02 03 The World in Relief: The gold rush is on in the studio 04 05 15 16 19 20 21 22 23 24 25 26 27 28 31 32 33

The gold rush is on in the studio

My exploration with gold that I admitted to in my last post has actually been going on for a few months...

In November I experiemented with chine collé, where thin papers are pasted down as part of the printmaking process. Read this post to learn more.  For the actual cards, I used green and cream kitakata papers, Rives BFK as the card support, and Handschy gold ink.

New Years cards for my collectors and supporters.
Gold ink highlights ginkgo leaves and pine cones.
I was pleasantly surprised at the result. The ink, while not shiny, had a pleasing metallic patina. My fellow printmaker James Hubbard told me that you need to seal the paper somehow for the patina to be visible. So perhaps the acrylic medium did this.

I wondered though -- what would happen if it were really gold leaf...

In the accompanying DVD to Magical Secrets about Chine Collé by Brian Shure there is a mesmerizing sequence where we see gold leaf being applied to a piece of contemporary artwork.

Supplies include red oxide acrylic paint, 12-hour sizing,
and gold patent leaf.
I was intrigued enough to want to try some gold leafing for myself. The entire sequence is a bit complicated, so do consult Shure's book/dvd for complete instructions.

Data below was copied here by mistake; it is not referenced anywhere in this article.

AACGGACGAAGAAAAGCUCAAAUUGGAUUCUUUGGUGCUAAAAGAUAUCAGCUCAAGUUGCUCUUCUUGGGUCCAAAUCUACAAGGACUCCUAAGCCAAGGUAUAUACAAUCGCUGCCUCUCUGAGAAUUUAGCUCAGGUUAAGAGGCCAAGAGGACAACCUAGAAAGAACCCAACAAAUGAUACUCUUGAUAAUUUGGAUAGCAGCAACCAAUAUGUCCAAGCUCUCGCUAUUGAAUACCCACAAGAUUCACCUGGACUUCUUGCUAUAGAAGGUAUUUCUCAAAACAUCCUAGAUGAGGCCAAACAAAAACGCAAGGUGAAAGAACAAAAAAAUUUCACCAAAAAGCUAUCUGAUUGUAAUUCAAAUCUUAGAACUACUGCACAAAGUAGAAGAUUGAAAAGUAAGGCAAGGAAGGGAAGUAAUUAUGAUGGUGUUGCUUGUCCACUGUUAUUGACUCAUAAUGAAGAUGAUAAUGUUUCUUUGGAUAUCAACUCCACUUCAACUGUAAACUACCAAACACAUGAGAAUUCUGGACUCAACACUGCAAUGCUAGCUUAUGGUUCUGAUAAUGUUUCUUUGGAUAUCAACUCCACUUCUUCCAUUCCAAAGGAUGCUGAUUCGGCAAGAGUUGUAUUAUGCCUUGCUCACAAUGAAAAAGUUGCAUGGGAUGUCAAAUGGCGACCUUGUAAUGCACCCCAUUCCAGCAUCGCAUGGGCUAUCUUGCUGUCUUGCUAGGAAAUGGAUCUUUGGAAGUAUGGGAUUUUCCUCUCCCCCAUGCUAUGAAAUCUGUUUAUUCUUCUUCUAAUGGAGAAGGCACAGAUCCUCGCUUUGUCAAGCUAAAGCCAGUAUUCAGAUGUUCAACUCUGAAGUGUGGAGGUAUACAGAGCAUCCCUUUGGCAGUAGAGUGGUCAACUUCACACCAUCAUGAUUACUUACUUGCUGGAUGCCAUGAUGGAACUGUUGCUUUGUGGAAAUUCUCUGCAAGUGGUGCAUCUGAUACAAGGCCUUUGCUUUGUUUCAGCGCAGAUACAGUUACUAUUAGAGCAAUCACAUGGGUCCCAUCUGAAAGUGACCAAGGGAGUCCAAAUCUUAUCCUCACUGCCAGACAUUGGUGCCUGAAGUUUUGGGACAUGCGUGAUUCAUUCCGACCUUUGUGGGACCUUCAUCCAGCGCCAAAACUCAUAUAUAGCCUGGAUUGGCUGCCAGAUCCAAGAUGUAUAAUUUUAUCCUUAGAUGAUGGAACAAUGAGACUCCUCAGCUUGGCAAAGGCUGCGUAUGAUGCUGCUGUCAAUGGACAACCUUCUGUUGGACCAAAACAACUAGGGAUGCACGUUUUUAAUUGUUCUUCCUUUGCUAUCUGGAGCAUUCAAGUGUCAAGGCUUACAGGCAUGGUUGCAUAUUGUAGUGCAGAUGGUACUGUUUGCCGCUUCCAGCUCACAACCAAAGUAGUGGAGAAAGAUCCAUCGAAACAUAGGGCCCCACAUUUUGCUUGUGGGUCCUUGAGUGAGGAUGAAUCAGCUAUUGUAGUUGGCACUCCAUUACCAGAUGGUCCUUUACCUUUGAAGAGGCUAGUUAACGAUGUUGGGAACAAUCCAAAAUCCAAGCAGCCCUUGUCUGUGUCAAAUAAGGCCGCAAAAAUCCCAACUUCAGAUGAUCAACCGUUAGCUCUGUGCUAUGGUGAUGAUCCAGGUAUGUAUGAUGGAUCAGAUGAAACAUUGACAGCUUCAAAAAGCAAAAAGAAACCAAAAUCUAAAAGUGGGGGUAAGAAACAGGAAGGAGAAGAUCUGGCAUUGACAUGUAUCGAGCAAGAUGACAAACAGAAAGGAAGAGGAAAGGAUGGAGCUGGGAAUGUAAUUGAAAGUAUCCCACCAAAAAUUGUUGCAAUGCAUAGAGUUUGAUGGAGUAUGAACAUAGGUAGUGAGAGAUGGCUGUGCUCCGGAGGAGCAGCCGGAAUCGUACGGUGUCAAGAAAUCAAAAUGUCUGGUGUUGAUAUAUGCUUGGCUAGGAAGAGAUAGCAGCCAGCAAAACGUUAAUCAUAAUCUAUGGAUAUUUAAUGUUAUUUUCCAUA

How to apply gold leaf:
1. Seal the area where you want the gold to adhere first with acrylic medium.
2. Paint the area with red oxide acrylic paint. Mine was pretty thin. Apparently you use a pewter blue for silver.
3) Paint the sizing on the red oxide area. (Wear a respirator and have good ventilation.)
4) Let the sizing cure for at least 12 hours. Shure's book recommends waiting until it isn't tacky. For me this was 48 hours!
5) Carefully apply the gold patent leaf to the sized areas. Rub the backing paper gently.
6) Use a soft cloth or brush to burnish the gold leaf areas.

A nautilus becomes gilded.

To test this myself, I used part of a print that had some alignment issues. I applied the gold leaf process to the areas that appear darkest in this picture. The results were mixed. In places you could see where I had applied the red oxide, but had missed with the sizing (which is clear.) But apparently you shouldn't apply the sizing directly to the paper. Clearly I needed to pay more attention and use a light with a magnifying glass.

It was a great deal of work! I'm now wondering if perhaps one could use the printing process to apply the first three steps... The rubbing of the gold leaf is fantastic, however. Makes you feel like a monk illuminating a manuscript. A very rich experience indeed.

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